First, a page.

There’s an episode of Seinfeld (because of course there is) when Jerry goes on a mini-tangent about his t-shirt, “Golden Boy” who has been going strong for years but is starting to fade. When Elaine suggests he take more care, soak the t-shirt in Woolite or use the gentle cycle, Jerry scoffs.

“He’s the Iron Man because he goes out there every day. Wash, spin, rinse, spin! You take that away from him, you break his spirit.”

Photo Credit: NBC

It may seem silly, but men really do hang on to their t-shirts until they’re barely stitched together by a few threads, or have more spots with stains than are clean. Why, though?

First, a good t-shirt can be worn every day, for almost any occasion besides work. Yard stuff? Check. Sleeping? Check. Dinner at Chipotle? Yep, that, too. They’re flattering, they’re comfortable, they’re versatile, and they last for a good many years. Why wouldn’t we hang onto our favorites?

Then, there’s the sentimentality factor.

So many of our shirts have a story attached to them – where we got them, who gifted them to us, that one concert we’ll never forget for that band we unironically liked in our twenties. It can even go deeper, reminding of us not only events but of the person we were when it arrived; we’re not that person anymore, but we remember them (mostly) fondly.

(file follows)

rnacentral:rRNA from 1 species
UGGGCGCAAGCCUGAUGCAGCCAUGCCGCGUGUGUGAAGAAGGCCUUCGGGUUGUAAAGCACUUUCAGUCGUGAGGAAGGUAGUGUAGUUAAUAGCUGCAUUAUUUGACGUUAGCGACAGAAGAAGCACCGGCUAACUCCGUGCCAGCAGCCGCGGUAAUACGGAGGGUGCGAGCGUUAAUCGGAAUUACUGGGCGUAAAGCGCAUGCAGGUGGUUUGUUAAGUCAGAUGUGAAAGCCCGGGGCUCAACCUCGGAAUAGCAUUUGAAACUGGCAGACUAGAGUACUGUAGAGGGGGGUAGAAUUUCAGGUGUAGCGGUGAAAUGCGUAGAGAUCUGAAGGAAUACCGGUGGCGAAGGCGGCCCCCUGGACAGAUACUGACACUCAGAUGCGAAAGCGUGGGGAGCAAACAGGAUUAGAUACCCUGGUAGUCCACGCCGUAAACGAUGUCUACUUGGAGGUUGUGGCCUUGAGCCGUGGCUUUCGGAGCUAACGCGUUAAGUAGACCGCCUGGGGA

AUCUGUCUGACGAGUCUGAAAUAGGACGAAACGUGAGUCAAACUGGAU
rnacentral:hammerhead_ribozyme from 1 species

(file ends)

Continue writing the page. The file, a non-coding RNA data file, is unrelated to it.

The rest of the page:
James Wallman, author of Suffocation: Living More With Less And Time and How To Spend It, says he thinks the latter reason is the most compelling.

“We attach ideas to things – that’s why people like clothes that famous people once wore. We hold on to old t-shirts because they evoke memories and connect us to earlier versions of ourselves, giving us a sense of enduring identity.”

See, you didn’t even realize there was a deeper psychological reason for your hoarding, did you!?

For men, in particular, they often also have a sense of pride in their “authentically aged” t-shirts, meaning they’re worn and soft in all the right places, and not because Target manufactured them that way.

In fact, this new generation of Post-Millennials may never realize the sentimentality and dedication it once took to own a threadbare t-shirt- one you had to create for yourself over time.

One that, one day – like Seinfeld’s Golden Boy – won’t make it back from a wash. It will dissolve, blowing away like dandelion spores in the late spring, the pieces going wherever good and faithful servants disappear to when their toil is over.

It’s worth noting that in a survey, 80% of Americans across all demographics (men and women included) said they were attached to at least one t-shirt. I myself have an entire drawer full of ones I just can’t toss, even though the majority don’t fit after having kids.

Do you have the same issue? Are the reasons above your reasons? Tell us which are your favorite ones in the comments!